Toh also added that currently Libresse’s full budget is geared towards digital channels. Driving eCommerce sales became its main focus and the brand is invested in exploring emerging formats through partnerships with Watsons Live and Shopee Live. During these “Live” sessions, influencers are brought on board to conduct product demos during the sessions.

“We will continue ramping up our presence on digital and eCommerce, so consumers can easily reach our products conveniently, safely and in line with the latest standard operating procedures amidst the pandemic,” he said.

Besides placing an emphasis on eCommerce, the brand also banks big on YouTube and Facebook for reach and impact as the platform is home to its target audience. “Our target audience can all be reached there, and with the right strategic media plans, the impact in views and organic engagement are also most relevant on those two platforms,” Toh said.

To further ensure results on these two platforms, the brand also actively invests in influencer marketing, engages KOLs and celebrities. To date, it has worked with the likes of singer-songwriter Zee Avi and also thought leader and role model to youths Nandini Balakrishnan.

What’s in the works?

While last year the brand invited women to discover their V-zone, this year its focus will be to advocate acceptance by showcasing the diversity of the V-zone, said Toh. He added that period talk is just one part of the conversation – much like how sanitary pads are just one of the many offerings Libresse provides.

“Our brand is all about holistic care for the V; so we know there’s also more we can do to help create a world where women can live the life they want. The objective remains the same: to break V-zone taboos and normalise V-zone conversations,” he said.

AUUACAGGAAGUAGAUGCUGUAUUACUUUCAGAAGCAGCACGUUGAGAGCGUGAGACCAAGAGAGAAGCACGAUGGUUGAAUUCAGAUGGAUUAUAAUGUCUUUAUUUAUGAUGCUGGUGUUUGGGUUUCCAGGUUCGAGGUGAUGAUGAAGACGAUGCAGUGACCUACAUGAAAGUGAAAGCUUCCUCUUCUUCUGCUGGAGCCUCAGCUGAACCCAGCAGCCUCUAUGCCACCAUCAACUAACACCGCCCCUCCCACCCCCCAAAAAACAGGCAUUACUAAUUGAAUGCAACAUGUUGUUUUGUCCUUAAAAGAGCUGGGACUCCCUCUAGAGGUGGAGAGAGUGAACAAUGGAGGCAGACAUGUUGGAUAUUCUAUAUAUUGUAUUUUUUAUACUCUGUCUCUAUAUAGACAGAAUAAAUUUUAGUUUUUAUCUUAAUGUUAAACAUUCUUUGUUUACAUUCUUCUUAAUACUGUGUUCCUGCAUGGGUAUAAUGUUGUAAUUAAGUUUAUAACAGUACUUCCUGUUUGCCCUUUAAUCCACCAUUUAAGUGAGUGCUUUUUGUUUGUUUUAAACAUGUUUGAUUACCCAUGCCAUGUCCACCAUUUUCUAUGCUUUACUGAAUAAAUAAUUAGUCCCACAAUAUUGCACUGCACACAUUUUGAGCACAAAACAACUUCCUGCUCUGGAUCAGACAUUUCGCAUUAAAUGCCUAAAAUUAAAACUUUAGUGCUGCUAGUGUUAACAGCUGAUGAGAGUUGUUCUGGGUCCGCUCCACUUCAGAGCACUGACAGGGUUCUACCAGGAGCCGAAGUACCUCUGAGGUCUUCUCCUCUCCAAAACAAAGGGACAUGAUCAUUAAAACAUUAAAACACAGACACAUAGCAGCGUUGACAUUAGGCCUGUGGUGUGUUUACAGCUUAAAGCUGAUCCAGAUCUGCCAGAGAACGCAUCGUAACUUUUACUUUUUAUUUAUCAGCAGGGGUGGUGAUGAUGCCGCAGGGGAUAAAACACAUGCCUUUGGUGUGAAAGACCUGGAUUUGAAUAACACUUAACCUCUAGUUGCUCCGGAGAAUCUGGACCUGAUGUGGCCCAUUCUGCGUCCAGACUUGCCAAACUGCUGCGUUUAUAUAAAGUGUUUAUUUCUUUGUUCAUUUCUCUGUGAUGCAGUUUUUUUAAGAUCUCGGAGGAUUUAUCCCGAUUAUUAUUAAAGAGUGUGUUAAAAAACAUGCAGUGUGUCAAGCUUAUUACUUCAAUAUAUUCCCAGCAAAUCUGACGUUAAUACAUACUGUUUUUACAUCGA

This is not the first time Libresse is educating women on their V-zone. Last year, it launched the "Know Your V" campaign in an attempt to influence perceptions by uncovering real situations that women face on a daily basis and portraying it as something natural and worth understanding, instead of it being a source of shame. In 2018, it also sought to educate men and reframe what periods are like in their minds to improve understanding between women and the men in their lives. Titled "Men-struation", the campaign featured a character named "Get Real Bro" who explained periods man to man, sharing educational content videos and tips with men, so they understand what period is like and how they can support them.

Aside from its latest campaign, The brand also recently encouraged females to not be shy about periods by creating the Stationer-V Box, a stationery holder with a main compartment for office stationery and a bottom compartment where emergency pads can be kept securely.

Meanwhile, Toh said it will continue ramping up its presence on digital and eCommerce to allow consumers to reach its products conveniently and safely. Libresse has also launched its Bendera Putih campaign on Facebook to do its part in helping women who are suffering from the prolonged pandemic.